http://news.bbc.co.uk/2/hi/science/nature/3869753.stm

So attributing an increase in temperature to CO2 is at best part of the story.

We have a mechanism, the greenhouse effect, solidly based on known properties of gases and solar radiation, which says that extra CO2 in the atmosphere will trap a lot of heat flux.

The devil is in the details. CO2 is hardly the only element in the atmosphere and its not the only contributor. Current models have radiative forcing from CO2 increasing logarithmically with the increase in CO2 concentration. This would require and exponential increase in CO2 concentrations to produce a linear temperature rise. Let alone an exponential temperature rise.

Predicting how much the temperature will rise is harder, but some rise is to be expected, and was predicted on this basis at least thirty years ago. We know we have that extra CO2, and are now seeing a very steep rise in temperature

This is the peril of attributing all of a result to a single cause in a complex system. If you take the time period from 1940 to 1975 we had a significant period of global cooling. Operating on the theory that rising CO2 inevitably leads to higher temperatures you would have to conclude that CO2 levels fell during that time period. Or you would have to concede other factors were at work.

As was the point of the original graph and which is amplified by the graph you presented, there is just far too much uncertainty to bet the farm on.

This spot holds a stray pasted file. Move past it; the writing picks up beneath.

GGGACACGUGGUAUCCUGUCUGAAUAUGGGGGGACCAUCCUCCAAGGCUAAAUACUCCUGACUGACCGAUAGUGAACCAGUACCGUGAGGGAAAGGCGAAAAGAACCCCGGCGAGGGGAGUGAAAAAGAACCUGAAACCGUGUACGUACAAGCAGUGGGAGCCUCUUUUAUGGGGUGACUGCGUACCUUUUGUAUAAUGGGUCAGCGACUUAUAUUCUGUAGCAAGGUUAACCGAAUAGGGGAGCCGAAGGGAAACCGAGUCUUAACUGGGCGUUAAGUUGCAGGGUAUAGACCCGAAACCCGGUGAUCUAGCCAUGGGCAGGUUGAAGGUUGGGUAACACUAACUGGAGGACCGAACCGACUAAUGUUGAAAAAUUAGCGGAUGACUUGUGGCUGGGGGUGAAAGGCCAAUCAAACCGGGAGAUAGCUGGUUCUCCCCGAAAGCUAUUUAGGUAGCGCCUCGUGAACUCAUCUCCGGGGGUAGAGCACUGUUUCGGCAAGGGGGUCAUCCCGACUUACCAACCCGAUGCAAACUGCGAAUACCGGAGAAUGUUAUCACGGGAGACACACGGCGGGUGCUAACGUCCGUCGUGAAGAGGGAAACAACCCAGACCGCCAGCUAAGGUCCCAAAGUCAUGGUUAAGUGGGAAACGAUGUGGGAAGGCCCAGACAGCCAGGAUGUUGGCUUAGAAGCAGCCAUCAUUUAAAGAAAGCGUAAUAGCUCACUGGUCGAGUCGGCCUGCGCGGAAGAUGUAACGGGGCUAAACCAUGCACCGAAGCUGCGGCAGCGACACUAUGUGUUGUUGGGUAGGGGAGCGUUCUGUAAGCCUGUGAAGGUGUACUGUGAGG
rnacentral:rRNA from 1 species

Veritas magna est et praevalet.


We have had consistent increase in the total solar radiation received by the earth over the last century, and the sun is at its most active it has been in the last 1000 years.

The BBC article that you cite does not support the solar radiation claim, only the sunspot story. The scientist cited, Prof Solanki, and his Institute had these observations:

However, researchers at the MPS have shown that the Sun can be responsible for, at most, only a small part of the warming over the last 20-30 years. They took the measured and calculated variations in the solar brightness over the last 150 years and compared them to the temperature of the Earth. Although the changes in the two values tend to follow each other for roughly the first 120 years, the Earth’s temperature has risen dramatically in the last 30 years while the solar brightness has not appreciably increased in this time.

and

"Just how large this role is, must still be investigated, since, according to our latest knowledge on the variations of the solar magnetic field, the significant increase in the Earth’s temperature since 1980 is indeed to be ascribed to the greenhouse effect caused by carbon dioxide," says Prof. Sami K. Solanki, solar physicist and director at the Max Planck Institute for Solar System Research.

If you take the time period from 1940 to 1975 we had a significant period of global cooling. Operating on the theory that rising CO2 inevitably leads to higher temperatures you would have to conclude that CO2 levels fell during that time period. Or you would have to concede other factors were at work.